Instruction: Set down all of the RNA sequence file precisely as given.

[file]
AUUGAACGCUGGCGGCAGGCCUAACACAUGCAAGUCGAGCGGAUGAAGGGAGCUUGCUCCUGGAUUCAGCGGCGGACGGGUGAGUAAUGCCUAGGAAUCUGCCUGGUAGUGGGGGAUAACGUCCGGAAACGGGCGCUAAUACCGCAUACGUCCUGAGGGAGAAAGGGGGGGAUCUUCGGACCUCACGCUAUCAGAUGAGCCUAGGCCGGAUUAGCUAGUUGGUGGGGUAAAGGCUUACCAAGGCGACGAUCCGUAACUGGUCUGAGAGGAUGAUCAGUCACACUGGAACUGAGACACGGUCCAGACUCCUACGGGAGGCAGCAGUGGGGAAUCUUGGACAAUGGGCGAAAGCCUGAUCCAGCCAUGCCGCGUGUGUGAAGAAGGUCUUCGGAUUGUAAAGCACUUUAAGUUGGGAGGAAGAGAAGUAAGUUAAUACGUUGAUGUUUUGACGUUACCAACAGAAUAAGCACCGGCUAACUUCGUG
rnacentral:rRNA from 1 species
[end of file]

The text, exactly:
AUUGAACGCUGGCGGCAGGCCUAACACAUGCAAGUCGAGCGGAUGAAGGGAGCUUGCUCCUGGAUUCAGCGGCGGACGGGUGAGUAAUGCCUAGGAAUCUGCCUGGUAGUGGGGGAUAACGUCCGGAAACGGGCGCUAAUACCGCAUACGUCCUGAGGGAGAAAGGGGGGGAUCUUCGGACCUCACGCUAUCAGAUGAGCCUAGGCCGGAUUAGCUAGUUGGUGGGGUAAAGGCUUACCAAGGCGACGAUCCGUAACUGGUCUGAGAGGAUGAUCAGUCACACUGGAACUGAGACACGGUCCAGACUCCUACGGGAGGCAGCAGUGGGGAAUCUUGGACAAUGGGCGAAAGCCUGAUCCAGCCAUGCCGCGUGUGUGAAGAAGGUCUUCGGAUUGUAAAGCACUUUAAGUUGGGAGGAAGAGAAGUAAGUUAAUACGUUGAUGUUUUGACGUUACCAACAGAAUAAGCACCGGCUAACUUCGUG
rnacentral:rRNA from 1 species